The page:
“This made record management much clearer and I have a better understanding of the responsibilities involved.”

“This course really helped me get some clarification on what is a vital record and what is not and the tools to begin to implement a plan for our office.”

A3.1 Report Released

by on September 19, 2014

You may recall that earlier this year, we issued a draft of the Automated Records Management Report and Plan. This document has now been finalized and is available here.

The report addresses categories of suitable approaches for automating electronic records management and discusses their outcomes, benefits, and risks.  It covers the goals of electronic records automation, what work we have accomplished to date, our stance on DOD 5015.2, and a framework of 5 suitable approaches to automation that the Federal government can pursue.

The plan, on the other hand, will remain a living document.  It will be revised at least once a year as we complete initial tasks and assess the feasibility of the initiatives we will start exploring in the first year. We are in the process of launching a website where we centralize the information about all of our activity related to this project.

We have received a number of comments from agencies about the new flexible disposition instructions in the GRS and want to provide some additional explanation as to why we have taken this approach and how agencies can use and benefit from these instructions.

Purpose of Flexible GRS Instructions

The GRS is not like agency schedules. It has to apply to all agencies throughout the federal government and not all agencies have the exact same retention needs for records. We have approached the GRS instructions as guidelines for agencies in retaining their records: we establish basic retention requirements, usually minimum retentions, but otherwise leave it to the agency to determine their business needs for the record. In other words, NARA sees no need to review disposition instructions for records covered by the GRS as long as they meet basic retention requirements.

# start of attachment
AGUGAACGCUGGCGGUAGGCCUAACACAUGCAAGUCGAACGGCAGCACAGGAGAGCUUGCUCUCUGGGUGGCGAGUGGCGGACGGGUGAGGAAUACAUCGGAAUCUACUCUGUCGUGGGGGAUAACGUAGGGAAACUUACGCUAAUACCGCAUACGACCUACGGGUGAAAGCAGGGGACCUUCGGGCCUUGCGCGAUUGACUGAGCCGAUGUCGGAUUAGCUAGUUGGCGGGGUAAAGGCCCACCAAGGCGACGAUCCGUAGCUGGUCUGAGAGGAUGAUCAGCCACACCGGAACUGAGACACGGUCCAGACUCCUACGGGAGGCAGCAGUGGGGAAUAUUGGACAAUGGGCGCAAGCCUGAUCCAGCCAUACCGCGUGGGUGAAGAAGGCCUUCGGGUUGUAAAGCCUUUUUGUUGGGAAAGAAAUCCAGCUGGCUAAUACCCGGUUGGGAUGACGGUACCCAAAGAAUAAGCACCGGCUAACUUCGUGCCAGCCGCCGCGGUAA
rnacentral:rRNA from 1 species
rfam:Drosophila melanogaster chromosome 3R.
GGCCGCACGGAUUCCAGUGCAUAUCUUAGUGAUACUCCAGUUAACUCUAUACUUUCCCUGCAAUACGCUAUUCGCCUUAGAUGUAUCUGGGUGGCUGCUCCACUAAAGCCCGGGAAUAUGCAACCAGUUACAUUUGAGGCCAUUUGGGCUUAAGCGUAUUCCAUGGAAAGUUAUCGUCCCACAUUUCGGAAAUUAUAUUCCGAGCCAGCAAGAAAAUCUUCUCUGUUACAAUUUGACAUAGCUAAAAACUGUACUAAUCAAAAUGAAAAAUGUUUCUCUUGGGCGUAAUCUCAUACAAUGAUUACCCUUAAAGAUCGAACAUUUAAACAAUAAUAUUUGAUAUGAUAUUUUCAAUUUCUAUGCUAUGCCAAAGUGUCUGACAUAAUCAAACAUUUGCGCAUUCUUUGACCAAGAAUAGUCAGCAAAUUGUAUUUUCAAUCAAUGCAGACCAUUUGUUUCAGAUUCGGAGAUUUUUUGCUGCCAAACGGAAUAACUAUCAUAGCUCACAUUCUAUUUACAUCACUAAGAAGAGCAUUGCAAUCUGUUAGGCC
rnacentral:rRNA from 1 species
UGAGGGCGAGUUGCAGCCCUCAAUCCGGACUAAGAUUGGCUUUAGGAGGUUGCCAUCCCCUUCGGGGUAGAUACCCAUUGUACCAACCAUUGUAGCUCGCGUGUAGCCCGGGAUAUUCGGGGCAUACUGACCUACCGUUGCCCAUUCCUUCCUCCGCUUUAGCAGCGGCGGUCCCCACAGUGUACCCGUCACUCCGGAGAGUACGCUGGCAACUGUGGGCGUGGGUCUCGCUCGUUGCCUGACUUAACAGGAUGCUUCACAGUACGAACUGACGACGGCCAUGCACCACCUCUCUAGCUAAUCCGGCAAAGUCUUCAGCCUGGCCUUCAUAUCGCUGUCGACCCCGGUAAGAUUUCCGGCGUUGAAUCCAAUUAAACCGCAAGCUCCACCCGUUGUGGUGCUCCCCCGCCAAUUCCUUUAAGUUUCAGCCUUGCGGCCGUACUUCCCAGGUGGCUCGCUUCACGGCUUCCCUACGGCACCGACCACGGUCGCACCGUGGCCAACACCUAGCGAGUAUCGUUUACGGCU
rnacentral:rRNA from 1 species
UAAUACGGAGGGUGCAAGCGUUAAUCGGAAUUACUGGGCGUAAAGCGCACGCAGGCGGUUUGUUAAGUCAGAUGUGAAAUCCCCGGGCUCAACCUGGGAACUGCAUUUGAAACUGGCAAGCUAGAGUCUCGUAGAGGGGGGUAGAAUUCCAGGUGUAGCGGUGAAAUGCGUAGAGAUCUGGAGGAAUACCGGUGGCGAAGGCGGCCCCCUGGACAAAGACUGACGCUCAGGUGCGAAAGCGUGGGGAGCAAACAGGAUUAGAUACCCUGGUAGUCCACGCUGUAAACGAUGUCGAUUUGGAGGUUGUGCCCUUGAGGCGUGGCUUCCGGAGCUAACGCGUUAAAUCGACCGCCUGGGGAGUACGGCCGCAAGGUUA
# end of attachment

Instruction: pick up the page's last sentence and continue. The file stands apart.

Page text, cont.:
The benefits of this approach are:

  • GRS disposition instructions make it clear what the basic retention requirements are and when they can be longer or shorter.
  • Agencies don’t have to request deviations to the GRS as long as their retention falls within the parameters of the GRS instruction.
  • The new instructions make clear which items can be bucketed to the longest common retention.
  • We can potentially cover more temporary items in the GRS, even if agencies have different retention needs.
  • Agencies may find that all they have to do to implement the new GRS is update disposition authorities.

How to Implement Flexible Instructions

Implementation is going to take some work, but then updating agency schedules to match the new GRS is going to take some work anyway. Agencies should update their schedules to reflect new GRS items and in doing so determine what the appropriate retention is for your agency. You may:

  • Use only the minimum retention: do not use “Longer retention is authorized for business use” in disposition manuals.
  • Set a specific retention or retention band within the parameters established by the GRS.
    • For example, if the GRS says “Destroy when 3 years old; longer retention is authorized for business use,” then the agency may say “Destroy when 5 years old.”
  • Use disposition instruction exactly as written, leaving specific retentions up to offices or individual users.

In some cases you may not have to do anything other than update the GRS disposition authority. The flexible instructions should benefit agencies that have or are implementing bucket schedules. For example, an agency that has scheduled procurement records in a 7 year bucket can cite new GRS 1.1, item 010, because it sets a minimum retention of 6 years, but allows for longer retention. It will also benefit agencies that have their own items for records that are new to the GRS. As long as the agency retention falls into the parameters of the GRS you can site the GRS instead of informing NARA that you will be using your own authority.

We understand that the flexible disposition instructions may still cause some confusion. We will be conducting a customer satisfaction survey in 2015 to get some feedback from agencies on how implementation of new GRS, including the flexible schedules, is going. In the meantime, if you have any questions, please contact We are happy to be of assistance.

May 2015